The Turkish Coast Guard has rescued 468 irregular migrants who were illegally pushed back by the Greek side into Turkish territorial waters in the Aegean Sea in the past month, official figures showed.
Some 468 migrants and refugees that have been pushed back by Greece between Feb. 24 and March 24, have been rescued by the Turkish Coast Guard, bringing the total number of migrants rescued in 2021 to 1,975. Moreover, nine people were caught on suspicion of organizing illegal crossings last month.
Meanwhile, according to the Turkish Coast Guard Command, between Jan. 1 and March 24, at least four asylum seekers lost their lives during the crossings in the Aegean.
Turkey has been a key transit point for migrants and refugees who want to cross into Europe to start new lives, especially those fleeing war and persecution.
Crossing into Europe to start new lives for irregular migrants has become even more difficult due to the actions of Greece in recent months.
Greece has been illegally pushing asylum seekers who either arrived on shore or settled in camps back into Turkish territorial waters since February.
Extending its helping hand to asylum seekers, the Turkish Coast Guard has been providing them with food, clothing, and blankets. In addition, those who need medical assistance have been taken to hospitals.
Turkey and human rights groups have repeatedly condemned Greece's illegal practice of pushing back asylum seekers, saying it violates humanitarian values and international law by endangering the lives of vulnerable migrants, including women and children.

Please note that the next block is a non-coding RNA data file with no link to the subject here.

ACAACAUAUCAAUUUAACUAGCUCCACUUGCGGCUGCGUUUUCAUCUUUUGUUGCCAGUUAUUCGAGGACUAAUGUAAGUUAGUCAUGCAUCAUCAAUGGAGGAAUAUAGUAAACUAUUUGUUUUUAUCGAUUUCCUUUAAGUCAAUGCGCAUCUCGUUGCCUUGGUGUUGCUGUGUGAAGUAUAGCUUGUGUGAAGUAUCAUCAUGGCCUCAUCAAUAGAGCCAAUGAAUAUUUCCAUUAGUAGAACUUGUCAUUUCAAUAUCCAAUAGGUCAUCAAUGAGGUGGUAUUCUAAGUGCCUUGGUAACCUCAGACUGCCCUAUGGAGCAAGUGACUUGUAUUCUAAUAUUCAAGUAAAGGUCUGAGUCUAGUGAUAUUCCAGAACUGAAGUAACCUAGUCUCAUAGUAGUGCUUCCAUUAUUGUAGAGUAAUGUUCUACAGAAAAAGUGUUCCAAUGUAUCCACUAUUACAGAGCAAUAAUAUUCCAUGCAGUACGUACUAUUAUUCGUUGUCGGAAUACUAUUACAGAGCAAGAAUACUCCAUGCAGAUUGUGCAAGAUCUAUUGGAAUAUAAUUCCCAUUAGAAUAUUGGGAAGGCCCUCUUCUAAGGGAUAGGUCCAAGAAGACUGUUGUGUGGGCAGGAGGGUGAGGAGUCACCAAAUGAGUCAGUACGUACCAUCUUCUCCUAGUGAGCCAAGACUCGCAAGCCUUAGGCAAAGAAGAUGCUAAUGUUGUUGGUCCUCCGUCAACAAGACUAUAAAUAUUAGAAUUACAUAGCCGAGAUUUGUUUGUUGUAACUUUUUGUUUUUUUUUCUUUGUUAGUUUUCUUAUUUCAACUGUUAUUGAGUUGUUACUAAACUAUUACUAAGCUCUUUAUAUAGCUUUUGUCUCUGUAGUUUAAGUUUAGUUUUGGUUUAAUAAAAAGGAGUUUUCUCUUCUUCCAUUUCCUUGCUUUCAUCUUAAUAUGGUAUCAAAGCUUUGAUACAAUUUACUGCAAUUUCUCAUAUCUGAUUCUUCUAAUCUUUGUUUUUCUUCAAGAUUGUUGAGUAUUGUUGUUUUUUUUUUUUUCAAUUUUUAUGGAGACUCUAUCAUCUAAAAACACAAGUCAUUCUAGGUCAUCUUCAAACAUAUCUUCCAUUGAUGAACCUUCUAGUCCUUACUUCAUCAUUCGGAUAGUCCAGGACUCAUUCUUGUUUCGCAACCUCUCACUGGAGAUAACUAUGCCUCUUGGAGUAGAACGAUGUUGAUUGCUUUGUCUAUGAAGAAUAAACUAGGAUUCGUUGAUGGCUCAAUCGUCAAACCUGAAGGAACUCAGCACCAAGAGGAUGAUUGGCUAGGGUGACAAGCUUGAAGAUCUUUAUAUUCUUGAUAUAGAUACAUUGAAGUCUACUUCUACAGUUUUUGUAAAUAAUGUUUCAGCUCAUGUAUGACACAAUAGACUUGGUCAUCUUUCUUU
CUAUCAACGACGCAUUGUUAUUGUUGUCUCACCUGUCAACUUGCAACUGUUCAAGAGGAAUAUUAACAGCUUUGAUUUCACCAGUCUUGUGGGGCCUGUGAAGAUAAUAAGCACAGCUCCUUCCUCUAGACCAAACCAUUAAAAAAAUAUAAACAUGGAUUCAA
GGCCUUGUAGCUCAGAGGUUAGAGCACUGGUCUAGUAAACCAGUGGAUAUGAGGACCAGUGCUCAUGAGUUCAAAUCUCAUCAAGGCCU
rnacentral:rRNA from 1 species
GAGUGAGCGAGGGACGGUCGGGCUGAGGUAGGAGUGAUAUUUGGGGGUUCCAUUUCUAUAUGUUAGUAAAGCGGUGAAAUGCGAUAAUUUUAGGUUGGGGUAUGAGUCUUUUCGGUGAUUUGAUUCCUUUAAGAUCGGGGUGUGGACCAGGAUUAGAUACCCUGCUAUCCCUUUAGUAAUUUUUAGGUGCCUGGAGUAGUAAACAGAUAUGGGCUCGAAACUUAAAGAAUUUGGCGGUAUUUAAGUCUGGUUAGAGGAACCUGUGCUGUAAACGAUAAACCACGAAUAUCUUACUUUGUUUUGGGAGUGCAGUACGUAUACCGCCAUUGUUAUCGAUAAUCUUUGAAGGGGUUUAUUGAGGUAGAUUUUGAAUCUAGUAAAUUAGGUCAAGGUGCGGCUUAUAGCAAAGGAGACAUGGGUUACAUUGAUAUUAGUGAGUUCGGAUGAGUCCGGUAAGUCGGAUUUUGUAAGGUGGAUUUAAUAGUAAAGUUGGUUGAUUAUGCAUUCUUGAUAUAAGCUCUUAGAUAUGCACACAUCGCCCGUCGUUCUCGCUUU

The Turkish Coast Guard on Sunday found an asylum seeker who had gone missing three days earlier when the Greek Coast Guard dumped him along with several others in the Aegean Sea.
Previously on Friday, at least three people were found dead, three others were rescued, and one was missing after the Greek Coast Guard robbed a group of asylum seekers and dumped them in the Aegean Sea.
Back in February, Greek forces assaulted 29 asylum seekers, took their valuables, and left them stranded on an island in the middle of the Meriç (Maritsa) River between the two countries.
A group of Afghan asylum seekers was also forcibly pushed back to Turkey by Greece under the pretext that they would be tested for COVID-19.
Eight of the 13 Afghans who are now living with their relatives in Turkey's central province of Karaman told Anadolu Agency (AA) that they were picked up by Greek officials from a refugee camp and put on a rubber boat to Turkish shores.
Rauf, one of the asylum seekers, said that he gave their life's savings to a human smuggler in Turkey's western province of Çanakkale for a safe passage to the Greek island of Lesbos in the hopes of a better life.
However, he faced an unexpected situation when the Greek police took him from the camp on the island and put him on a boat, on the pretext that he had to get tested for the coronavirus.
He said the group of asylum seekers was beaten up when they refused to get on the boat. They were dragged into the sea and left to die, he said, adding that his eight-month pregnant wife was also pushed into the water and beaten.
"They took everything we had, including our IDs and money, jewelry," Rauf said.
Another asylum seeker, Destker Doliti, 18, said he thought his life would take a turn for the better when he landed on Lesbos. However, the Greek police took their documents, belongings, and money by force, he added.
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